Who are these users?  Other academic staff, one might think, and I've been writing so far as if that's the only audience.  But it isn't, of course.  OER is about the transparent exchange of knowledge, peer-production and where appropriate, co-construction, where anyone can access and interpret the content — anyone with access to the internet and the OER site.  One of the courses I took as a law student was very poorly taught, and as a result the process of understanding the material was made much more difficult than it ought to have been.  Some of us borrowed lecture notes from students studying the same subject at the only other local university, and we used them instead of the notes from our lecturer’s lectures.  The incident is a classic example of affordance, but it also illustrates three interesting points.  First, had OER been available to us, we would have had many more versions of the subject to choose from – much wider global choice would have replaced the single local alternative available to us.  Our learning affordances would have been hugely enriched.  Secondly, there would have been a range of resources that would have improved our lecturer’s style of teaching and his unacceptable quality standards.  Sophisticated resources, assembled intelligently and sensitively, often require quite high levels of educational understanding and practice.  Third, even though the notes we obtained from the equivalent course at the other local university were much better than the sparse jottings we derived from our own lecturer, nevertheless as students we were faced with the problem of OER content that staff are faced with – how could they be used in a course that had a different assessment, and different content?  We were dealing with photocopies of lecture notes, and therefore the problem was a big one for us; but if OER are arrayed on the web in sufficiently granulated form, so that one can easily understand content and structure, and extract what one wants, then the problem becomes much less.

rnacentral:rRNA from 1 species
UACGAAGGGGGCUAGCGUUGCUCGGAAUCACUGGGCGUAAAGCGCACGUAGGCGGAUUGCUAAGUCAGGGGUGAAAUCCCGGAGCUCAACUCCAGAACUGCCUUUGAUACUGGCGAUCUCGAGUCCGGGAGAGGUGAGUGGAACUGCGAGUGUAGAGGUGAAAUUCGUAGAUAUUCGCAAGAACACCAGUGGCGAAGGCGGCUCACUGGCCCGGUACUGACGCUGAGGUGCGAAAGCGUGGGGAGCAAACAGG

There are of course other and deeper arguments too, concerning the access to justice, open education, and the nature of information and knowledge in a democratic society.  I don’t have to make them, I hope – not in this blog, at least.  But they’re reasons why OER are important to the future of HE.  Having said all that, I just hope we get the money…